I know, I know—I’m not really the target audience for Bug Princess (Mushihimesama). The first I’d heard of developer its developer was when Cave appeared as a character in Hyperdimension Neptunia mk2. I don’t even have an Xbox 360, which several of their shooters have been released on. But I do like shoot-em-ups now and then, so when I finally got an iPad I knew that one of the first apps I wanted was a Cave game. And I’m not gonna lie—I chose Bug Princess because it was the cheapest. But, despite an odd design choice and the bare-bones nature of the port (especially compared to other Cave offerings), I’m really glad I did.
Bug Princess has only one player character and a plot that’s only clear at the very end. Princess Reco flies around on her giant beetle-friend, shooting down other giant bugs. (Isn’t she their princess? So she’s, like, a vicious tyrant?) Reco has 3 speeds/shot types: a balanced M-shot, a wide W-shot, and a narrow S-shot. My favorite is the W-shot, even though (or maybe because) it’s the slowest ship. The shot aims the widest, so you can kill more bugs at once.
Swiping your ship across the iPad’s screen makes for very smooth control, and Reco shoots on her own. However, bombs are in the bottom corner, off the game screen entirely. Granted, in shmups I avoid bombing to a fault, but having to take my eyes off my (bullet-filled) iPad mini’s screen just to use a bomb isn’t good for practice. There’s a setting where Reco can use her bombs automatically, but that takes an important strategy tool out of the player’s hands.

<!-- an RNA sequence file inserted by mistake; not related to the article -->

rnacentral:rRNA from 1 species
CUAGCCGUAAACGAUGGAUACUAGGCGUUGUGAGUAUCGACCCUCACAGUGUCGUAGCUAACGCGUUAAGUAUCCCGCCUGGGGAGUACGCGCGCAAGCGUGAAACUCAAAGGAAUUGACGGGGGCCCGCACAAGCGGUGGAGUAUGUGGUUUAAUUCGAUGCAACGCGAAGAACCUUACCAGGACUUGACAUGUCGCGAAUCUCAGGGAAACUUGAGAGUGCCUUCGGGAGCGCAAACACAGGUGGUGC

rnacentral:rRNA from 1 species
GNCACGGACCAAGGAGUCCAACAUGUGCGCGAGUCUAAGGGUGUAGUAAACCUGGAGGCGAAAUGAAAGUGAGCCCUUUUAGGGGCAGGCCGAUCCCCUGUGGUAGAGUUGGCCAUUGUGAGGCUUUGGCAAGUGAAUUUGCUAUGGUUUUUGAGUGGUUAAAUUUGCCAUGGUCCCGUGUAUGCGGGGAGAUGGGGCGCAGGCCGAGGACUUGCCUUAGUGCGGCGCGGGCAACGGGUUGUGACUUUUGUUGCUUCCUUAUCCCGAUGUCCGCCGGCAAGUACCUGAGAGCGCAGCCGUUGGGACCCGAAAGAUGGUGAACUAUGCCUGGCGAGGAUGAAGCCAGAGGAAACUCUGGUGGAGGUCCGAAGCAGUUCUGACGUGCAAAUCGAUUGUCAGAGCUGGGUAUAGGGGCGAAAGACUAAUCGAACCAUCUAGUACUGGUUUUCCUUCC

Even so, Bug Princess has lots of other options for those who want to learn the game. Each of its three modes–Original, Maniac and Ultra–has five difficulty levels that progress nicely to help new players hone their skills. And though I’m no shmup veteran, I do know that the game’s true final boss fight can be found on YouTube with titles like “The Hardest Video Game Boss Ever.”
The third stage is not only where the game takes a spike in difficulty—it’s also the most difficult stage for me all around. The whole thing is a battleship (buggleship?) in a volcano; seeing bugs that need hitting can be tough amid the reds and browns of the background, and the homing-mosquito-dragonfly things are pretty tenacious.
What makes the iPad version special? Not much. Cave seems to have given us a basic port–the translation of what little story there is isn’t that great, and this version of Bug Princess came out before the HD version for the Xbox 360. And Arrange Mode has been removed, so there are even less features in this version. Still, Bug Princess packs a lot of entertainment for $5. To a Cave newbie like me, that’s money well spent.